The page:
My garage does not freeze hard-and by that, I mean the garage at the shop. Mushy bulbs means the bulbs froze through and through-they got too cold. Do you have a spot in the garage to put them that is next to a heated house space? Keep the pots off the floor-on boards, or something. You can bury them in a compost pile outside, if you have one. My best advice? Try again.

  4. The change in the weather is a shock. I was hoping for a long fall with lots of soaking showers. I guess not! Got .15″ rain last night in southern Wisconsin, which is pathetic after September’s total of only .98″ at my house. Just got a note from the city’s water utility that my water usage has been so high that I should check for leaky plumbing! It’s not the plumbing; it’s the outdoor watering to try to save my garden. Did just order some paperwhites and species tulips. But maybe I will consider potting up some bulbs, esp. if can just drop the container into a pretty pot. You are always such an inspiration.

    • Deborah Silver says

      It has been a really tough season, hasn’t it? I can’t believe I have had to pack in all of my containers at home already. We’ve had a little piddling rain-nothing substantial. But my diascia are still blooming like crazy, as are the Japanese anemones. Otherwise, the garden looks pretty quiet.

  5. Deborah,
    Thanks for the inspiration. My experience echoes Kristin’s: my bulbs turned to mush! I had grand aspirations a couple of years ago; I planted 3 large containers full of tulips and daffodils. My problem (as I just learned from your post) was that I left the pots outside uncovered; I assumed they “needed” the cold. Needless to say, nothing grew. Now I know better!
    As an aside, I was never a big spring bulb fan. It seemed like too much investment for just 1-2 weeks of bloom, plus the “die-back” period required for daffodils was a deal-breaker for me since I didn’t want the dying foliage to be competing with my summer annuals. A couple of years ago, I Googled something like “longest blooming daffodils,” and I discovered ‘Quail.’ They are touted to be among the longest-blooming of daffodils. I decided to give them a try and have been really pleased. I’ve ordered 100 bulbs for each of the past 2 seasons. My yard is relatively small, so I plant them in the same space I dedicate to my summer annuals (in-ground — not in containers). I have 3 mass plantings — each with approx. 33 bulbs. In NE Indiana, they start blooming in mid-late March, peak mid-April, and carry over to early-mid May! I cut the foliage off in mid-late May when I’m ready to plant summer annuals in the same space — knowing that this is “incorrect.” Surprisingly, about 1/3 of the bulbs that bloomed the prior year bloomed the next year even though they were cut off too early (I can differentiate because the older bulbs’ foliage is greener compared with the blue-green foliage of the newest bulbs). The extra blooms merely added to the blooms from the newly-planted ones. ‘Quail’ blooms are small, but each stem yields multiple blooms. From a distance, the effect is quite nice. Basically, I treat the bulbs as annuals, and if a few come up the next year, that’s just icing on the cake. Given the long duration of bloom, this is a bulb investment I’m willing to make.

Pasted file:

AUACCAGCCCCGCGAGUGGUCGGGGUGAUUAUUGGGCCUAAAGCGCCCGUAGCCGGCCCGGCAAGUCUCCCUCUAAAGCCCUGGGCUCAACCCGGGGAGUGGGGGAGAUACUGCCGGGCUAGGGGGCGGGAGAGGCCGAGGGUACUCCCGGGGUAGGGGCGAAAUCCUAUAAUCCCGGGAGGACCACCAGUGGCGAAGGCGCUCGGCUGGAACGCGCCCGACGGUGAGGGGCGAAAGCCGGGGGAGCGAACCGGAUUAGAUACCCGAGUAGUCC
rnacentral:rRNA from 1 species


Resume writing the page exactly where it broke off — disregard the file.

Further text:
• Deborah Silver says

      Dear Alan, very few plants offer more than 2 weeks of bloom! Daffodils, lilacs, roses-most plants don’t bloom for long. Daffodils are great in ground-if you have lots of space. The small bulbs, planted in a perennial garden take up next to no space, even if you wait for the foliage to cure. Try the larger bulbs in pots again-and p[roectect them from a hard through and through freeze. Deborah

  6. Tom Baldinette says

    Deborah. Spring bulbs…..hmmm. They sure do require a lot of patience, two seasons’ worth, and a whole lot of faith, that something as spectacular as you imagine will actually appear. And funny you should mention pots, as I came across about half a dozen shallow-planted bulbs I had cast off from spring’s bloom, and wondered if they would survive in a pot over winter. Of which I have many, pots that is, all still filled with perennials waiting patiently for a winter home in the earth I just tilled. So, on your recommendation, the plants and bulbs will swap homes for winter. An ecological exchange, you might say. Thanks for the idea. And for the incentive to get those plants out of those pots. Tom in NC.

    • Deborah Silver says

      Tom, we have a warm week forecasted-that will be incentive for me to plant bulbs for sure. I hate planting them in the ground when it is freezing cold. I am not planting perennials if I can help it. Its just too late for them to take hold here. Some landscapes we are doing-we’ll wait until spring to plant them. Lots of pots of spring bulbs sounds great. Deborah